Let me point out that I’m all for MTV and the rest of it. Sprinkling it into your fiction really can work. But what I’m trying to establish is whether, and how, you can engage young readers without it. So here’s a thought. How about, rather than luring youngsters with what they already know, bringing them into a realm where the action is alive, but the setting is somehow pared down. How about giving youth novels all the noise they need, but cutting out on the same old movies, the same old music, the same old jingles they hear every day? The only song I remember from Praise Song was “Paradise Road” – pretty much a golden oldie, by now, and woven into the text carefully and with purpose.

Really, what I’m probably trying to figure out for myself, is how I might work at a genre between fantasy and reality – something that will transport the reader as much as fantasy would, yet seems more plausible, more likely to happen to your reader at some stage. So, yes, more realistic, but without the overrealism of pop culture and references to people and things that might just become obscure. It’s probably fair to say that, with novels such as Sophie’s World, Jostein Gaarder has created the kind of space to which I’m alluding.

Meanwhile, the following excerpt from Craig Higginson’s piece got me thinking:

One doesn’t open a novel by Anne Tyler or Roddy Doyle and find sentences like “He got into his A160 Mercedez-Benz with leather seats, power steering and a Matrix tracking device.” In a bad historical or “period” novel, however, we might find a sentence that reads, “He got into his 1896 Hansom four-wheeler with spring suspension and plush crimson seats.” Because the historical novel is displaced in time, we feel we need to describe each detail – paint the picture for the reader. But this is to undermine the richness of the collective memory the reader brings to a book, play or film. As I say – we know much more than we think we know. A good work of fiction should demand that we tap into our own imaginations in order to bring the piece to life. The audience and reader need to be engaged and provoked in a way that is not all surface detail and local colour.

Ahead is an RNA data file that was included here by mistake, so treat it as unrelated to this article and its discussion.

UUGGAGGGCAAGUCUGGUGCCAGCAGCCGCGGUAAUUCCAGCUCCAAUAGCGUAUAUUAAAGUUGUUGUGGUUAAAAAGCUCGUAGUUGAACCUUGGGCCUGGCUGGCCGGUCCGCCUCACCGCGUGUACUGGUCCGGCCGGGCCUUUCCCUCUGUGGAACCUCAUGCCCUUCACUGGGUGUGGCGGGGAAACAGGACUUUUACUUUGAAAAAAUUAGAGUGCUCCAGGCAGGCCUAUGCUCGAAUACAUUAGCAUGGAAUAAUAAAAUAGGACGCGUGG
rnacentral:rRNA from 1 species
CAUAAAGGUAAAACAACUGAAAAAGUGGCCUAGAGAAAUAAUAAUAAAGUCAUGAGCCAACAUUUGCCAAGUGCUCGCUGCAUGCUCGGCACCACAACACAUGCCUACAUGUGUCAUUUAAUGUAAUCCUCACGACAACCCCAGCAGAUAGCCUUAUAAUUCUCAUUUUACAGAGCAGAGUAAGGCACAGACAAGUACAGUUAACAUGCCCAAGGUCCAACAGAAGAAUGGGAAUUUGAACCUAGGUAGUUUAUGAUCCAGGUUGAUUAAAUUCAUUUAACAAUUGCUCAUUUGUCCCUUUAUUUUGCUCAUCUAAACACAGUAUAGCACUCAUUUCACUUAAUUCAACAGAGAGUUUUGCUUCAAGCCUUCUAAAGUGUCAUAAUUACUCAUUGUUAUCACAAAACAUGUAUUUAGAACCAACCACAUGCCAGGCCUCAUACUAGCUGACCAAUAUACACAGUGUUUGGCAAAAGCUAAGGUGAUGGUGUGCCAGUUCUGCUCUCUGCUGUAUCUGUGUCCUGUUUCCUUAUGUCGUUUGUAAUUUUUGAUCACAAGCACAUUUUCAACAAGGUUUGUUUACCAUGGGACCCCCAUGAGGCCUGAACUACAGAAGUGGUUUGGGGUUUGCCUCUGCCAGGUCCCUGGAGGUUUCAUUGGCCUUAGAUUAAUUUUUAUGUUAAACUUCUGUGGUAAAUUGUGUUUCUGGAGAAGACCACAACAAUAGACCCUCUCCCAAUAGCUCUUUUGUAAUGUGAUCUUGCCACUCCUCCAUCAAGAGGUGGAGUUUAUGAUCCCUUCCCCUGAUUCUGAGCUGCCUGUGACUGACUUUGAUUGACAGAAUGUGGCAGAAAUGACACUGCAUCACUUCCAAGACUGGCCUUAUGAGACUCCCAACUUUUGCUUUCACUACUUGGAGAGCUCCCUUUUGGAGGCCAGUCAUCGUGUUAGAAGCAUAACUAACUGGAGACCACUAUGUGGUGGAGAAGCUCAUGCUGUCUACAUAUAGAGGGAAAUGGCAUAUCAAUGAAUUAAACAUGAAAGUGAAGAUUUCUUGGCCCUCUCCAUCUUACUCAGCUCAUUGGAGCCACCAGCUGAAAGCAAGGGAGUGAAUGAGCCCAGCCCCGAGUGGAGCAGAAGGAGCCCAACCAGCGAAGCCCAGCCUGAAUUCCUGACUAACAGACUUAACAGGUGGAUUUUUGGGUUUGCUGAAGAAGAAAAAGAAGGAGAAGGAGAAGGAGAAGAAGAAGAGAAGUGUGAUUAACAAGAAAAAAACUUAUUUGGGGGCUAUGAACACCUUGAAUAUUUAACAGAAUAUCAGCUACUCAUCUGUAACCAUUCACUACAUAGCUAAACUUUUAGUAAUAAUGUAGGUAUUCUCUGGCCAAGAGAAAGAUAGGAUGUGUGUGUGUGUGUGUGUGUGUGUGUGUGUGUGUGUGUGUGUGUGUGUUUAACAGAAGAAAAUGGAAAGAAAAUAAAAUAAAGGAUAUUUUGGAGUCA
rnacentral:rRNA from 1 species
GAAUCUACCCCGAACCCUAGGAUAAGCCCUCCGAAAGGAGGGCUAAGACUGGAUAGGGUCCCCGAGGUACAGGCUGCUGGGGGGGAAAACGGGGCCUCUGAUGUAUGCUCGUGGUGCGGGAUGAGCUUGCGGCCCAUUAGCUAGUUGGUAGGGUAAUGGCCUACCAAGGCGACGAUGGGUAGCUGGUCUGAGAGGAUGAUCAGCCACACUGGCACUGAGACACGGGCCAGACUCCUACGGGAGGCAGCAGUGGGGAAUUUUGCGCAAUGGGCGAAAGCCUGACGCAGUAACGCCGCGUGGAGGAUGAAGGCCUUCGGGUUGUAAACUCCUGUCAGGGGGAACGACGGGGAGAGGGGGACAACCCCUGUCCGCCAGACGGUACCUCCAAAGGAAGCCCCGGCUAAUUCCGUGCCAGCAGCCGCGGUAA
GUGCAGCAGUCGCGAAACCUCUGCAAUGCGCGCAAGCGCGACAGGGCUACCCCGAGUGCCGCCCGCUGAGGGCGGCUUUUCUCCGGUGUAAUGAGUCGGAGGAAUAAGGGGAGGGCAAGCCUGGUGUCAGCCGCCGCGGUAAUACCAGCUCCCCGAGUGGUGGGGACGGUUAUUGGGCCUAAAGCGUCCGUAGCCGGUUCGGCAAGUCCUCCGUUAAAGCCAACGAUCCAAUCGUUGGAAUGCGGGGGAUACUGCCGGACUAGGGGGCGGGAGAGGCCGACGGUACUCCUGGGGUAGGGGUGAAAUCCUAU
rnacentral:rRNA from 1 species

By adding that much of pop culture, mightn’t one overpopulate the work with detail in the same way Higginson describes that too much historical detail weighs down the work? His example above could as easily be turned into “He got into his new Z6 with white leather seats and plugged in his colour-matched iPod, which started blasting ‘Linkin Park’”. I think the same holds here, namely that the writer is “undermin[ing] the richness of collective memory [or collective cultural knowledge] the reader brings to the book”.

I’d be interested to hear the opinions of other readers and writers.

  • Maya Fowler debuted with The Elephant in the Room, a novel, in 2009 (Kwela Books). She has published short stories in New Contrast, and her first youth novel, As jy ’n ster sien verskiet, is set to be released in 2011 (Tafelberg Publishers).